BFI Film Classics: Don’t Look Now

Author: Mark Sanderson

One film definitely worth a book in the BFI Modern Classics range is Don’t Look Now. Released in 1973, the same year as The Exorcist, it’s a supernatural thriller that, as the book’s writer Mark Sanderson rightly confers, is up there as one of the all time cult films. It was directed by Nicholas Roeg, a director whose films almost all deserve that status: Performance (1970), Walkabout (1971) and The Man Who Fell to Earth (1976) pretty much defined the cult film in the seventies; they all have a unique strangeness and depth to them that are worthy of analysis. He begins his introduction by taking us through its influences, such as the atmospheric wintry Venice scenes with pigeons flying across the screen (anyone who has ever been to Venice will know what I mean) to films such as the ghost story Haunted (1995) starring Aidan Quinn.

Based on a book by Daphne du Maurier, Sanderson acknowledges du Maurier’s satisfaction with the film and goes through its  production including the impressions and pre-conceptions that the actors, Donald Sutherland and Julie Christie had.  He includes detailed shot-by-shot analysis of the disturbing opening moments in which Christie and Sutherland’s daughter drowns in perhaps one of the best establishing openings to any movie through to the finale death of Sutherland at the hands of the serial killer dwarf, who wears a similar red plastic raincoat to the one his daughter drowned in.He also explores the now famous and at the time controversial love making scene. This is where a book like this brings out those subtleties that we might miss: the church Sutherland’s character is restoring is called St. Nicholas, the serial killer dwarf wearing a red hooded coat – St. Nicholas (otherwise known as Santa Claus) is also the patron saint of children which Roeg employs here with a witty black humour.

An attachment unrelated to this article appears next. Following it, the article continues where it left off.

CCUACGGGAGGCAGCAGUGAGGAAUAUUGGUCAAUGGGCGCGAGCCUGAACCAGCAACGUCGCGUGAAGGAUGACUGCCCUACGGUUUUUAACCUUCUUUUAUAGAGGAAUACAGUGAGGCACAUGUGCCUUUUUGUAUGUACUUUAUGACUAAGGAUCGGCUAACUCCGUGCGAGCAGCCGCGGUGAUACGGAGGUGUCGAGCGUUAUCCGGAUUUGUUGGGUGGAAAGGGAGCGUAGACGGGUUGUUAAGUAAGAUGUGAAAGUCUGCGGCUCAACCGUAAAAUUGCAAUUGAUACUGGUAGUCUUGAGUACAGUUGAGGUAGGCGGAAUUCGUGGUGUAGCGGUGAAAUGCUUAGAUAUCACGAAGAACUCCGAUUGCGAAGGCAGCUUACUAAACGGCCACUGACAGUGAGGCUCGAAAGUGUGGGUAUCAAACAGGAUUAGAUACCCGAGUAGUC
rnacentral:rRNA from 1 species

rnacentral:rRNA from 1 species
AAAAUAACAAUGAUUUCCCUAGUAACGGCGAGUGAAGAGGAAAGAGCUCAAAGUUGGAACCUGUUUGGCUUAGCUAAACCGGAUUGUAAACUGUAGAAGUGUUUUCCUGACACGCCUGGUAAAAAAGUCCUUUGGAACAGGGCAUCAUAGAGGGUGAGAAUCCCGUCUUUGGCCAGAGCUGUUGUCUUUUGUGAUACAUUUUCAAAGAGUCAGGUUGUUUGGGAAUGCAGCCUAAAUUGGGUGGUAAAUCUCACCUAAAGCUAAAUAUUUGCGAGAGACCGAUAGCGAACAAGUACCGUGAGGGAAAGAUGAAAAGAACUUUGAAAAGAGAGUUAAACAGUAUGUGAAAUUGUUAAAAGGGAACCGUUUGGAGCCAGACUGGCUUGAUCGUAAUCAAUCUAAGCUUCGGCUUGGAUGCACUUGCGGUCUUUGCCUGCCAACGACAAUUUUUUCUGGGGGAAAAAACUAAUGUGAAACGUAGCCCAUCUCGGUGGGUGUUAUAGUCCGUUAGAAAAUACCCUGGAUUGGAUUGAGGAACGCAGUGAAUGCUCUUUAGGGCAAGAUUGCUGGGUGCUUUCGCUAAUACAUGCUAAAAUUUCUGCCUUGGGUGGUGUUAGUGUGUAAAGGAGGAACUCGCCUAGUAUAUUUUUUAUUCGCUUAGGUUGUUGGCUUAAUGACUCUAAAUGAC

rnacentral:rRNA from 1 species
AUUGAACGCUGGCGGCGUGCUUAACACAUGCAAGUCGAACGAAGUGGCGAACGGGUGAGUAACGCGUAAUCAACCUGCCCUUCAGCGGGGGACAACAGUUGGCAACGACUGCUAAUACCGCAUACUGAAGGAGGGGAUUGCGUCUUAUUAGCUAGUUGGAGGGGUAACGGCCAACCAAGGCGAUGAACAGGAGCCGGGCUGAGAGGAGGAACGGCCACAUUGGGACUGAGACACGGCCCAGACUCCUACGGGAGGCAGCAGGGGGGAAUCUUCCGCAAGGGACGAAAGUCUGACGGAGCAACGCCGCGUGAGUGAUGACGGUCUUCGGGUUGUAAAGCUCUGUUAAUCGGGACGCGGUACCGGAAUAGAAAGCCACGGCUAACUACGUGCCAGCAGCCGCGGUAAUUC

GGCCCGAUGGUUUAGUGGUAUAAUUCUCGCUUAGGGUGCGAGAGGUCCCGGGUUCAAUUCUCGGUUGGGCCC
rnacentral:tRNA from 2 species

The film itself is about the grief the couple experience following the death of their daughter, Sutherland’s denial of his psychic abilities and premonitions, and how this ultimately leads to his death. Throughout the book Sanderson analyses how the colours and symbols Roeg employs in each scene have such a dramatic effect on the strangeness of the film, giving it its particularly haunting quality. The last chapter of the book also has an interview with Roeg as he recalls the difficulties of filming, how he cast Aledina Poeiro as the killer dwarf, one of the most terrifying monsters in cinematic history, as well as what happened when he and Christie attended a séance.

Chris Hick

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